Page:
Who is CassetteCoast?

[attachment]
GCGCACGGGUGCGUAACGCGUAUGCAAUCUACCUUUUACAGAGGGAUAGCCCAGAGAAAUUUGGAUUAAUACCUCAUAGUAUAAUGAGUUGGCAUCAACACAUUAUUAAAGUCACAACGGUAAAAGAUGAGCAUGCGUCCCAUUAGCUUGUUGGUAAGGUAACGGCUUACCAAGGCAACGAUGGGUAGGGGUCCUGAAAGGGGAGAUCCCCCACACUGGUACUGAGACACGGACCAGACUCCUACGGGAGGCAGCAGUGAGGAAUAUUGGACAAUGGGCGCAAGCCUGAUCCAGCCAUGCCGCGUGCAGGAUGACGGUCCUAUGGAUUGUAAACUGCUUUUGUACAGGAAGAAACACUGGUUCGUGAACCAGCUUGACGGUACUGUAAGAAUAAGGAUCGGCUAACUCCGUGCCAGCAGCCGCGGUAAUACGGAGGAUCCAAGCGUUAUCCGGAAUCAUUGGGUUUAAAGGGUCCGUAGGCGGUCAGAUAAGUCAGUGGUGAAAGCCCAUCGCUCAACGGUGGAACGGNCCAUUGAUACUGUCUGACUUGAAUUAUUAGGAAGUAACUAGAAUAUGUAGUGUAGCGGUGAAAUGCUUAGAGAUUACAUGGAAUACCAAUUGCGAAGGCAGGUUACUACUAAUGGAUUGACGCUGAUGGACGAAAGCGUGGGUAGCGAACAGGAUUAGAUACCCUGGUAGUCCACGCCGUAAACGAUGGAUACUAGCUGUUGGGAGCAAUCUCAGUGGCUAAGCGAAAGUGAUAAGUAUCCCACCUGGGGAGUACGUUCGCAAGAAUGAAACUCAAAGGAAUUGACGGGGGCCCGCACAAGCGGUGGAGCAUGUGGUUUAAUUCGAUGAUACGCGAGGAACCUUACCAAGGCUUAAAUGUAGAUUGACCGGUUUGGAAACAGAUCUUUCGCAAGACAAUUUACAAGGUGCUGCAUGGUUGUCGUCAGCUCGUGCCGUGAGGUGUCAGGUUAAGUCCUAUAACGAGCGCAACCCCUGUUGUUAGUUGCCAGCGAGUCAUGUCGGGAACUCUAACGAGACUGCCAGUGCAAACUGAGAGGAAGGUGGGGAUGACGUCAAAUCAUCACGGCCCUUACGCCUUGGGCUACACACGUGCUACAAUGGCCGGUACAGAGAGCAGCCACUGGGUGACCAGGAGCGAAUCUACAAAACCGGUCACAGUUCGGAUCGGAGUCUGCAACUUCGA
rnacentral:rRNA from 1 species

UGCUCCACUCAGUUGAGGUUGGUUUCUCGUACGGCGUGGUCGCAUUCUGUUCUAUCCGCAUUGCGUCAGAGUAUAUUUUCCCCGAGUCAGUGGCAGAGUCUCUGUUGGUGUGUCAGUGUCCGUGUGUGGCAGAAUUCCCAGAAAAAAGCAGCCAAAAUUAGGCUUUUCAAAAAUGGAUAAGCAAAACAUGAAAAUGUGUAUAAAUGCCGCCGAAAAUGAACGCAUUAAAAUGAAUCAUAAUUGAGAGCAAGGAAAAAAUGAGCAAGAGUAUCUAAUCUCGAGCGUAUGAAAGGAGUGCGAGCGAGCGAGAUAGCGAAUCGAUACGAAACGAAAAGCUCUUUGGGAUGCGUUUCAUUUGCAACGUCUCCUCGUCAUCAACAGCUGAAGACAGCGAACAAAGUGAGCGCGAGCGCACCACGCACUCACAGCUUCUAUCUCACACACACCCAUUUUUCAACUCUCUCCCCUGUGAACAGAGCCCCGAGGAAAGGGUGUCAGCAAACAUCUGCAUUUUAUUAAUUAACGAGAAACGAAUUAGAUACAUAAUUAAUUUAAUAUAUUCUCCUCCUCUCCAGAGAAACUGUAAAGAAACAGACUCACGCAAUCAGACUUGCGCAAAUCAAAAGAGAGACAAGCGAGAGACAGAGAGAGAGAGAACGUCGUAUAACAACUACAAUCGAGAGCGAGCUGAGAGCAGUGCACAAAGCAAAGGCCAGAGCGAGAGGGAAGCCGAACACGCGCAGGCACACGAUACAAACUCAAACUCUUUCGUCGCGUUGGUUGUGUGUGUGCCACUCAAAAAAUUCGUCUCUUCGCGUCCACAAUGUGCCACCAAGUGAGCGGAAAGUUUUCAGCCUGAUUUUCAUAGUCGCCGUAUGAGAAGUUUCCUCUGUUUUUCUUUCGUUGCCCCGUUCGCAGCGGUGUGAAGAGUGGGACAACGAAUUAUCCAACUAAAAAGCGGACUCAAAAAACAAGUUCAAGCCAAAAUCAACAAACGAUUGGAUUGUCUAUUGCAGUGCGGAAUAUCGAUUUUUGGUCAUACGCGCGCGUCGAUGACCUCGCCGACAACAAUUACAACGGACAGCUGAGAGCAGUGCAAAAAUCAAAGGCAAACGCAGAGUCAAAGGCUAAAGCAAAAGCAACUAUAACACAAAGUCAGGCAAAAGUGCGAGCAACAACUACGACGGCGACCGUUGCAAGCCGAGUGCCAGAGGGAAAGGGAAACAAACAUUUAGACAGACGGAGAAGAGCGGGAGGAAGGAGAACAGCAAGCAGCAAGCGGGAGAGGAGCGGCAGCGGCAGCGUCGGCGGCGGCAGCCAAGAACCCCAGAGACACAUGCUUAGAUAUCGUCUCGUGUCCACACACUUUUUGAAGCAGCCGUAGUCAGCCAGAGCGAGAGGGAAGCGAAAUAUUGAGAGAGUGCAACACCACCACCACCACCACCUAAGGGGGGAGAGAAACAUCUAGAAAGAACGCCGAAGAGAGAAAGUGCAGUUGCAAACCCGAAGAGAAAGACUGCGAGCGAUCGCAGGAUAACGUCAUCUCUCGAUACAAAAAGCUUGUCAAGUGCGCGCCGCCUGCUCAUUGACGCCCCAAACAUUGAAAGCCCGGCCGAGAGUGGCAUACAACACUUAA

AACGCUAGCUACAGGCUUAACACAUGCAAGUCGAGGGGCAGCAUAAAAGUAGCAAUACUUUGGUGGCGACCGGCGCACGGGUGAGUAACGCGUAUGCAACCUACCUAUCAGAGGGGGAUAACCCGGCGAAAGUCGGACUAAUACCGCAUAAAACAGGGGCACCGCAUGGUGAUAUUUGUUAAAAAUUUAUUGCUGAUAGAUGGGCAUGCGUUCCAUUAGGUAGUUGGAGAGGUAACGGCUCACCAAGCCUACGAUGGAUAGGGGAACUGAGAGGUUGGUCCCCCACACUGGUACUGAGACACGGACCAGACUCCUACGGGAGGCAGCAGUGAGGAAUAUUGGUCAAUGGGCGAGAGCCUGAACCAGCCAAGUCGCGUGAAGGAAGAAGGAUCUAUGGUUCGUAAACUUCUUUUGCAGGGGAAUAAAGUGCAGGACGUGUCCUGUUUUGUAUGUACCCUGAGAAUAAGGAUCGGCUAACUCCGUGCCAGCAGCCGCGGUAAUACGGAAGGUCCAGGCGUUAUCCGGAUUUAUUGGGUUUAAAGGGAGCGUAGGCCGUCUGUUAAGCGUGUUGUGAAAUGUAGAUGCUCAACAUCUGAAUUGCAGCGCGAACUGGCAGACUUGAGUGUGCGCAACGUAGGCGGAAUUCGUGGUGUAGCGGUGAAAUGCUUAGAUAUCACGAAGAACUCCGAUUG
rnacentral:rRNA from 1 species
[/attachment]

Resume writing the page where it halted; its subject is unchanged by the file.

The year is 1990. Ruben Reyes is 8 years old and in the 3rd grade at Mendel Elementary, a small school in a northeast Houston neighborhood named Epsom Downs. The class was assigned to read a book titled ‘Super Fudge’. Once finished with the book, the students were instructed to gather in groups of three to write a song about the story. “I can still remember to this day the niggas in my group. It was me, my boy Jason, and my boy Jesus. I had never written a song before so I didn’t really know about bars, hooks, bridges or any kind of sequence. Needless 2 say, the shit was trash…but at least it all rhymed” (laughs). Ruben continued writing raps on his own time. “Man I remeber being in recess hangin’ out with my classmates. We was talkin’ about what we wanted to be when we grew up. I heard a police officer, a fireman, a vetenarian, a teacher… I said I wanted to be a rapper. One of my homeboys told me ‘Man by the time you’re old enough to do that, nobodys gonna even be listening to rap anymore.'” Ruben stayed practicing throughout junior high and high school. “I bought myself a karaoke machine when I was in the 9th grade. I hooked it up ghetto style to my cd player and recorded myself in my room. I would put like 10 songs together on some instrumentals and dubbed them on a shit load of tapes. I started slangin’ them in the MacArthur High parking lot. I was the only one doing that type of hustlin’. After a while, I got niggas helpin’ me hustle at school. My boy David had a cousin who was try’na start his own label, Richie Rich Records. They offered me a chance to record in a real studio just so long as I provided the label with beats that I made on a drum machine that I had recently bought.” By this time, Ruben had already aquired the name “Coast” because of a necklace that he wore that said ‘3rd COAST’. “My first time in the studio, I felt like I had already blew up. I felt at home. I was 17 years old feelin’ like I was already a veteran.” A three song demo was recorded under the Richie Rich imprint. “Richie Rich Records was very short-lived but I’m happy that I got that pportunity to be there. Richie Rich Records is where I first met my boy Nelson. He and I were the only two rappers at the label that weren’t related to the ceo. We had no choice but to stick together. Nelson had known a few guys from Dope House Records and invited me to meet them at their studio.” By this time, Coast had just graduated high school and was ready to begin a career in music. Jaime “Pain” Ortiz was engineering at the D.H.R. studio that night. “Me and Nelson walked in and Pains got a beat playin’. I asked who was gonna be rappin’ on it and he told us that whoever wanted to get on it could. I pulled out my notebook and started writing. I guess I impressed Pain cause he invited me back after it was all over. I started jumpin’ on more and more songs and eventually, SPM heard my shit. After a couple of years of proving my loyalty to the company, I was offered a deal.” Coast had done some recording with Quotakey, another artist who was trying to get recognition from the company. Coast and Quota became inseperable inside and outside of the studio. “Quota and I shared a common goal. We saw each other eye to eye. So when I was offered my deal, I requested that Quota be signed along with me. Dope House accepted my request and Twin Beredaz became the newest group under SPM’s wing. I’ve spent my entire life training myself to rap. Rappin’ is all I know how to do. I’m lost without this shit. When I was a kid, they told me that no one would still listen to rap by the time I grew up. I thank God that they were wrong and I thank my 3rd grade teacher for creating a monster.” (laughs) Times have changed and Coast’s career undergoes constant progression. After five years as a loyal Dope House artist, Coast respectfully left the label to explore the music industry as a solo artist.

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